In July, 2008, Asheboro voters decisively passed a referendum allowing beer, wine and mixed beverage alcohol to be sold in the city for the first time in nearly sixty years.
Given Asheboro’s multi-generational commitment to prohibition, it’s ironic that North Carolina’s most famous quotation regarding drinking has a Randolph County connection.
The story was first popularized by England’s premier 19th century story-tellers. Robert Louis Stevenson in The Wrong Box (Ch. 8, 1889) and Rudyard Kipling in The Light That Failed (Ch. 8, 1890) both recounted this riddle: “Do know what the Governor of south Carolina said to the Governor of North Carolina? It’s a long time between drinks!”
Though the story has over the years been attributed, variously, to NC Governors John Motley Morehead, Edward B. Dudley or Zebulon B. Vance, it actually involved our only Randolph County governor, Jonathon Worth.
The first appearance of the story in print is found in the Civil War memoir of General Daniel E. Sickles, the Reconstruction military commander of the Department of the Carolinas (“Leaves from My Diary,” published in the Journal of the Military Service Institution of the United States, vol. VI, no. 23, September 1885, p. 268). Sickles had ordered Governor James Lawrence Orr, of South Carolina, and Governor Worth, representing North Carolina, to review and approve Sickles’ proposed regulation appointing “one colored man” to register voters in every precinct in both states. The Governors, “reluctant to consent to so novel a measure, asked for a postponement of our deliberations until the following day. This I was obliged to refuse,” said Sickles.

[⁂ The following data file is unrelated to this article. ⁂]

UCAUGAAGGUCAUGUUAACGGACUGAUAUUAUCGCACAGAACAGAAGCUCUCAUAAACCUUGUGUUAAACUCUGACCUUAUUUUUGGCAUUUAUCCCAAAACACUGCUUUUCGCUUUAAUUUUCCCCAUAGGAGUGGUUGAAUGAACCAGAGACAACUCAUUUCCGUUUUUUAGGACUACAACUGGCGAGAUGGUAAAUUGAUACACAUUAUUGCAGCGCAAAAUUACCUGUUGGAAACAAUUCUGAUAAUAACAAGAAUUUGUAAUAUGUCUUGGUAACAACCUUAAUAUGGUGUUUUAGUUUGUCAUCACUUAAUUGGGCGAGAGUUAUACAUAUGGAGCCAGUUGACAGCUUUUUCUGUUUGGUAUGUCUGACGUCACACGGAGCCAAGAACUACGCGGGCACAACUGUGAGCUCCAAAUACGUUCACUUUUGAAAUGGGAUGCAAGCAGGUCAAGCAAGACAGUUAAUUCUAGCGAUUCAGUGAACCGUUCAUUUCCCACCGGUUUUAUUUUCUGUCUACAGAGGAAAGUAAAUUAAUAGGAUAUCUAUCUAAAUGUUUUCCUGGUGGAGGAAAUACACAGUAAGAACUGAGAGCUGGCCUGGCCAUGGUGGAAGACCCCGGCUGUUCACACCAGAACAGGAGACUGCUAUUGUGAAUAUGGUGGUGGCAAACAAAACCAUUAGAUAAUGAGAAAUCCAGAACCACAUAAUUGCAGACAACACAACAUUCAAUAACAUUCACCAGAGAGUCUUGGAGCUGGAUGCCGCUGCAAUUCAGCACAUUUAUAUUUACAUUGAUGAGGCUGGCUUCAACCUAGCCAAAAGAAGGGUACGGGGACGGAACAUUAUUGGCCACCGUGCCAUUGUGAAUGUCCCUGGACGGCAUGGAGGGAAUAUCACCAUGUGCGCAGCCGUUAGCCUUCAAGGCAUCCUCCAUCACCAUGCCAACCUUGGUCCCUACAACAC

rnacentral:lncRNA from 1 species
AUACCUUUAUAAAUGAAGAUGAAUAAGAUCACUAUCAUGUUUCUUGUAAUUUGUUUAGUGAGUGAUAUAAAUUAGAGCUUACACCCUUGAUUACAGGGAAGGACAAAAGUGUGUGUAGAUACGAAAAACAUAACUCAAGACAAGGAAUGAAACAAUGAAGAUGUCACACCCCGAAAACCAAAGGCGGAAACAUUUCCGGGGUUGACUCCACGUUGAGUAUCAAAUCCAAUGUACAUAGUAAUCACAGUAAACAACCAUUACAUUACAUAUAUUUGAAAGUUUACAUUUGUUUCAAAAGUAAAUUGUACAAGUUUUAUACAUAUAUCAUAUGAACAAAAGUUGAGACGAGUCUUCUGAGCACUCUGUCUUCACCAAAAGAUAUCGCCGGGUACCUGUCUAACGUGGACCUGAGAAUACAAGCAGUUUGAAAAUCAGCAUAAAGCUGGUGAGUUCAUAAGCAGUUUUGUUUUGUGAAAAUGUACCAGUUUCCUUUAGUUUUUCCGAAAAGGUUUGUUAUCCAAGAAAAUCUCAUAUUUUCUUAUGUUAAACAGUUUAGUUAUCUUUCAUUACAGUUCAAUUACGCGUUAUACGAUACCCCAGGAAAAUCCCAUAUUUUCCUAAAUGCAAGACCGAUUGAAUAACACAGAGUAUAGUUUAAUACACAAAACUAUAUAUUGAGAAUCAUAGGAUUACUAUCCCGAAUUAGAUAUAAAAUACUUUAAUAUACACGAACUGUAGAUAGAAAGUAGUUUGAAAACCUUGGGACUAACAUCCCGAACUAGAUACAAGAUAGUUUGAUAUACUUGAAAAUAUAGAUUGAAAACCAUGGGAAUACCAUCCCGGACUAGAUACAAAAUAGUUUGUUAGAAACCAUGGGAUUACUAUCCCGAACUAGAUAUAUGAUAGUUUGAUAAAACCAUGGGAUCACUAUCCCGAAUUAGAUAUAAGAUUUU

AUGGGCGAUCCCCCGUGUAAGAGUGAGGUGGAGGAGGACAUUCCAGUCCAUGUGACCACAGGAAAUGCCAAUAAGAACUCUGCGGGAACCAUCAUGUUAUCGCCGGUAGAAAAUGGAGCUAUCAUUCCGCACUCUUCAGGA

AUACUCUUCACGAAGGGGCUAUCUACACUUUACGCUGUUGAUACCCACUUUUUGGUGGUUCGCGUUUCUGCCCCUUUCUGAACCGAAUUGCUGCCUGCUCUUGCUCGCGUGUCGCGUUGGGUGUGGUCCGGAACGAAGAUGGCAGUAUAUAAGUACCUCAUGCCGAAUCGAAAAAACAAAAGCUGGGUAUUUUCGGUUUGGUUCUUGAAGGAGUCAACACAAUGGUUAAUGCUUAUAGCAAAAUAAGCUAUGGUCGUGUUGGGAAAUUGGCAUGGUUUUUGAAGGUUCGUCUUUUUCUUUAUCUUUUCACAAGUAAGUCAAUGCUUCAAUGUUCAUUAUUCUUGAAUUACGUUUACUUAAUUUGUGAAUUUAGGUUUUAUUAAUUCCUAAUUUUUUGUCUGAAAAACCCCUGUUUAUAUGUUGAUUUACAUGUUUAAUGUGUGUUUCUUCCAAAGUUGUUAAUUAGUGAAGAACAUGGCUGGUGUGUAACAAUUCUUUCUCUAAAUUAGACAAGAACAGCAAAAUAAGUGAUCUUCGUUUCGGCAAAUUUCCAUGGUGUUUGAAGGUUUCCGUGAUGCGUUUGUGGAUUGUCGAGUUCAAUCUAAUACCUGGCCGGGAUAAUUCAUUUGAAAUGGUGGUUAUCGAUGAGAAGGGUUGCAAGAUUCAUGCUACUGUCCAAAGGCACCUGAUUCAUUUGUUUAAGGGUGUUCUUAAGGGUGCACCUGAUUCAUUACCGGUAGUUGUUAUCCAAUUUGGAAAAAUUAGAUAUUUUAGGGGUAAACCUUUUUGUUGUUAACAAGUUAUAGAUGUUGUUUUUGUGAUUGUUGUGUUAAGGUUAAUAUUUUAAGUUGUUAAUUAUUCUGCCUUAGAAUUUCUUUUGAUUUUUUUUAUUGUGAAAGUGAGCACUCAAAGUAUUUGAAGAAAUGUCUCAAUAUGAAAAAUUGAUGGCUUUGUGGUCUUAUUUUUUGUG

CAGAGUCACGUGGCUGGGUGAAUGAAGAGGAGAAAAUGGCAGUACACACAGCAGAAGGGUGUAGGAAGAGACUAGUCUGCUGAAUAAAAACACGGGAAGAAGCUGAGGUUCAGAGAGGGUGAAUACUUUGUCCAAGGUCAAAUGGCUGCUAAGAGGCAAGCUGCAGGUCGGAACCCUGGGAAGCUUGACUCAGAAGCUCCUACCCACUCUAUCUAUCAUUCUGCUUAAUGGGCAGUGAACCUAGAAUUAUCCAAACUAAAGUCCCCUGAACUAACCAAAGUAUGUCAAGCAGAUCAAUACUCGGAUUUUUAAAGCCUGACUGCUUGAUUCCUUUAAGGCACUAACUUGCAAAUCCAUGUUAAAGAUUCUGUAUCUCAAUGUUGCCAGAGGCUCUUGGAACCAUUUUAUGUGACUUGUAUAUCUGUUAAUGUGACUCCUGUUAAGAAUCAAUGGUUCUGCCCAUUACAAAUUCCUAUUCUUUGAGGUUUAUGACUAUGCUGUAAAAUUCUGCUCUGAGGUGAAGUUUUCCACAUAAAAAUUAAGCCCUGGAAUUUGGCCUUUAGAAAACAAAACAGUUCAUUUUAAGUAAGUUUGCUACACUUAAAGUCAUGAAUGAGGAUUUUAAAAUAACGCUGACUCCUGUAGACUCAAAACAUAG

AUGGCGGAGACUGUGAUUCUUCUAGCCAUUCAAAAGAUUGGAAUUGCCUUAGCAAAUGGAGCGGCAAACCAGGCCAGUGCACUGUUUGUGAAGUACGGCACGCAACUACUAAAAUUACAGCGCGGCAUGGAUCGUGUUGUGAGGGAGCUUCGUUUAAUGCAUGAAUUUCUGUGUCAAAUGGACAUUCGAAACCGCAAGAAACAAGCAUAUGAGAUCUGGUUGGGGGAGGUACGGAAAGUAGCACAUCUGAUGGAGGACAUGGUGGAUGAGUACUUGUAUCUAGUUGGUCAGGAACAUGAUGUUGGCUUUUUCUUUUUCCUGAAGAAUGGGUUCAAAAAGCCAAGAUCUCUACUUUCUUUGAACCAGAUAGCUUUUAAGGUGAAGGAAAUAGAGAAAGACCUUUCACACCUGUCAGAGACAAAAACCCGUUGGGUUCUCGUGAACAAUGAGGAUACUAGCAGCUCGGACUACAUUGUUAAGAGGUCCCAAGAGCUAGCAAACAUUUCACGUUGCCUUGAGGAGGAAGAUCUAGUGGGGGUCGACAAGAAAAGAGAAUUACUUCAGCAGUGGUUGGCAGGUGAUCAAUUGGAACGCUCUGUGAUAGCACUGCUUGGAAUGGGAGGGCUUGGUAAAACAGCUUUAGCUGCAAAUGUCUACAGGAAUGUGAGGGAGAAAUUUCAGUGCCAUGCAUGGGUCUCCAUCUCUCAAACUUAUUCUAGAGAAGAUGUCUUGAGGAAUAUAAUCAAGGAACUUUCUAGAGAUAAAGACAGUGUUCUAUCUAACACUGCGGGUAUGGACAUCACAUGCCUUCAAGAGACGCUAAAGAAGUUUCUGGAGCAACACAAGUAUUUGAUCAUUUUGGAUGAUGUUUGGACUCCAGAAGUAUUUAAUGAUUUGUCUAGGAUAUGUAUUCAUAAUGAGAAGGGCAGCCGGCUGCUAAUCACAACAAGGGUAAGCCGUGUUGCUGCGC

“Governor Orr then expressed a wish to confer apart with his colleague, Governor Worth, which being assented to, Governor Orr dryly remarked:
‘The Governor of South Carolina feels constrained to say to the Governor of North Carolina, that in these military cabinet counsels, there is a mighty long time between drinks!’ ”
[For a longer account of this subject, see The North Carolina Miscellany, quoting a Raleigh News and Observer story by David C. Mearns published March 20, 1960.]